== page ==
Wednesday, 9 September 2015

The longest reigning monarch

Today HM Queen Elizabeth II becomes the longest reigning monarch in history, as well as expressing my own personal congratulations, I want to write about the flags I have seen today, as it was what you might call a day of flag waving.
The Queen didn't want to make a fuss and it was business as usual attending to her duties. Today she opened the newly built Boarders Railway in Scotland. The crowds that always seem to greet the queen wherever she goes were naturally waving both national flags of the UK and of Scotland. But most interesting to me was the royal banners used on the vehicles transporting her. As can be seen here the car that took her to Edinburgh Station flew the royal standard (Scottish variant):
Nothing to unusual about that. From Edinburgh she took a train ride on the Boarders Railway stopping at two stations to formally open the railway. The train hauled by historic steam engine named 'Union of South Africa' flew the Ancient Royal Banner of Scotland.

Heraldically speaking this flag is still a royal banner and so this use is proper and correct from a heraldry viewpoint, But in practice this is unusual. The Crown does still use the Ancient Royal Banner but it is usually flown over royal residences in Scotland when the monarch is not present (being replaced by the royal standard when she is), or by representatives of the monarch like Lord Lieutenants or the Keeper of the Great Seal of Scotland (currently twinned with the office of First Minister). So for it to be used to signify the presence of the Queen is interesting.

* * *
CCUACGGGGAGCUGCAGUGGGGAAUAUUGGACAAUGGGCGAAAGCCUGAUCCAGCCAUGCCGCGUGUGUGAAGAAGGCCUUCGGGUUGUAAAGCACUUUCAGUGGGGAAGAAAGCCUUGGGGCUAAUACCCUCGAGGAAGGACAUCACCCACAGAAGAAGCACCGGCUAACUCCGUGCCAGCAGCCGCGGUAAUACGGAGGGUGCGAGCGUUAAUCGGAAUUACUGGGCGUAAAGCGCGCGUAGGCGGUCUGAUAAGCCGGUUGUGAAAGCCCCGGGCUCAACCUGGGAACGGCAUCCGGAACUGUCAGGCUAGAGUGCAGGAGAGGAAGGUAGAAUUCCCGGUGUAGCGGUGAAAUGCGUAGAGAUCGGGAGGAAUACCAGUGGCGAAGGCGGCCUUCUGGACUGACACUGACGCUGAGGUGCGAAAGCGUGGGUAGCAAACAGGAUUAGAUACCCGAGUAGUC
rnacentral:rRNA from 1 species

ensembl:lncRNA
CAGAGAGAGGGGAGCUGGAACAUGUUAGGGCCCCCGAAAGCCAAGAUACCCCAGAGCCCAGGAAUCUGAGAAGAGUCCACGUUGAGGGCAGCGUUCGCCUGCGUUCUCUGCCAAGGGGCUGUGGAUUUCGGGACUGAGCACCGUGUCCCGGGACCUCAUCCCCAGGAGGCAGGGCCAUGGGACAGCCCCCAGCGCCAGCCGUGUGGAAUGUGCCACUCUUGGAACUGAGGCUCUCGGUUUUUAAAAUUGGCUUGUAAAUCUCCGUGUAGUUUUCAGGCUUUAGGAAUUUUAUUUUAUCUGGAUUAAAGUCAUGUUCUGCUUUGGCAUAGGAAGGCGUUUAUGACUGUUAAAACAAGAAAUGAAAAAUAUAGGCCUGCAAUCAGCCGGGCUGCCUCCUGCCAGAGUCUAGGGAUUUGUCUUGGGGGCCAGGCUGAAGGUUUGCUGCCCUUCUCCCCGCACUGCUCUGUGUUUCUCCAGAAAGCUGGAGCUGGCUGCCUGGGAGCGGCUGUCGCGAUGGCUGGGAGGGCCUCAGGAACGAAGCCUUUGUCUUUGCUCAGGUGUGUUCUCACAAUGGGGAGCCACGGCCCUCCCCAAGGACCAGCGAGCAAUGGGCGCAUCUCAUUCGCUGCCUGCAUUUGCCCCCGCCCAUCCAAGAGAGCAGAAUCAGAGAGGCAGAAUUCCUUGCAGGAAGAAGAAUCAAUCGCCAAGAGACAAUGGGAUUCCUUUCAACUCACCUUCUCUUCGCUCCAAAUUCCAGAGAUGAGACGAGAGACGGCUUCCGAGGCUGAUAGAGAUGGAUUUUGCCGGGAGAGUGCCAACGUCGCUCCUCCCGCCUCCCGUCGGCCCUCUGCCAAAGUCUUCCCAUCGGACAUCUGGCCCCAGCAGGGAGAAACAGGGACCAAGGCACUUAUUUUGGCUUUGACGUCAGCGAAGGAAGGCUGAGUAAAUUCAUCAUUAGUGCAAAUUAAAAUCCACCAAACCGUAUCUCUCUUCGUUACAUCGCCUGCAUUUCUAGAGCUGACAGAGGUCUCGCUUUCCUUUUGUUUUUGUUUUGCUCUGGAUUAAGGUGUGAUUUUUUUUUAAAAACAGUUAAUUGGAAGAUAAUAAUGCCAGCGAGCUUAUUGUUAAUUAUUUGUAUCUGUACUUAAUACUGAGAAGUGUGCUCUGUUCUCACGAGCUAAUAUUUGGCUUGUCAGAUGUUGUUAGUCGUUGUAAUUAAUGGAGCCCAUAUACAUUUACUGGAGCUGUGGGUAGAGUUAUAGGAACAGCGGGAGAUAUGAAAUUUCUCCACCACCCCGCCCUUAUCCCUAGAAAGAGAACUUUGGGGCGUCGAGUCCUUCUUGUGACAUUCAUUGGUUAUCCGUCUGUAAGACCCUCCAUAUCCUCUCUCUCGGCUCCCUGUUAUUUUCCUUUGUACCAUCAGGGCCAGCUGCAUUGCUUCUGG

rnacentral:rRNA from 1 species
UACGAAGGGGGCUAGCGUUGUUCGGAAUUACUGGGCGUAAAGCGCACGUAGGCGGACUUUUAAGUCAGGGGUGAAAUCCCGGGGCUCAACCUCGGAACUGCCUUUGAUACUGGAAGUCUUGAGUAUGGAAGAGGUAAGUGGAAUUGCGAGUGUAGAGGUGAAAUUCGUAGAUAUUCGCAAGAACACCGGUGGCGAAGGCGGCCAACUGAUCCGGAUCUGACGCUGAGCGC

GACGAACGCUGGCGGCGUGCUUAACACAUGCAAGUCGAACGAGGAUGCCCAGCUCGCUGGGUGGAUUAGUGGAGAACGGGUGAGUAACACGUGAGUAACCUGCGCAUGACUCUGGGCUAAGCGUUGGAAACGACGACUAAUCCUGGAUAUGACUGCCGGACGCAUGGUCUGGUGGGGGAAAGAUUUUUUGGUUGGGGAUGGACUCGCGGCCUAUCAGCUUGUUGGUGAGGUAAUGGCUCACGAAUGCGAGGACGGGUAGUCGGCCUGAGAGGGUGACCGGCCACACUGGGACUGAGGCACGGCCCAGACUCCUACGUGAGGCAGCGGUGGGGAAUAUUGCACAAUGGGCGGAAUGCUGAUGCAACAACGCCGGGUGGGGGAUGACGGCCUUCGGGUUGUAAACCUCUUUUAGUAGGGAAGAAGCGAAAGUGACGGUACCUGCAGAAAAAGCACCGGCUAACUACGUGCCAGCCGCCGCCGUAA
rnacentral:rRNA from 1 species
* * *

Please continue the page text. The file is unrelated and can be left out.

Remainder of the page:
South of the boarder a small procession of vessels of different shapes and sizes sailed up the Thames to the Houses of Parliament,  past the HMS Belfast which fired a salute as the sailed by and under tower bridge (which was raised). Among the vessels was the Royal Barge 'Gloriana'. She flew a red ensign as her ensign,, from the jack staff a red pennant with 'Gloriana' in gold lettering. From the vessel's cabin she flew the flags of the Home Nations:
St George's Cross for England.

St Andrew's Cross for Scotland:

The red dragon for Wales:

And St Patrick's Saltire for Northern Ireland (because that represents the provence in the Union Jack):

These are the normal flags flown from the barge and unchanged since the Diamond Jubilee in 2012. But I noticed two other flags that I have not seen used on the barge before. The Ancient Royal Banner of Scotland already discussed and the Medieval royal banner of England the three lion passants on a red field. Very unusual to see the latter in formal use.:

An interesting array of flags to mark the passing of an interesting moment in history.

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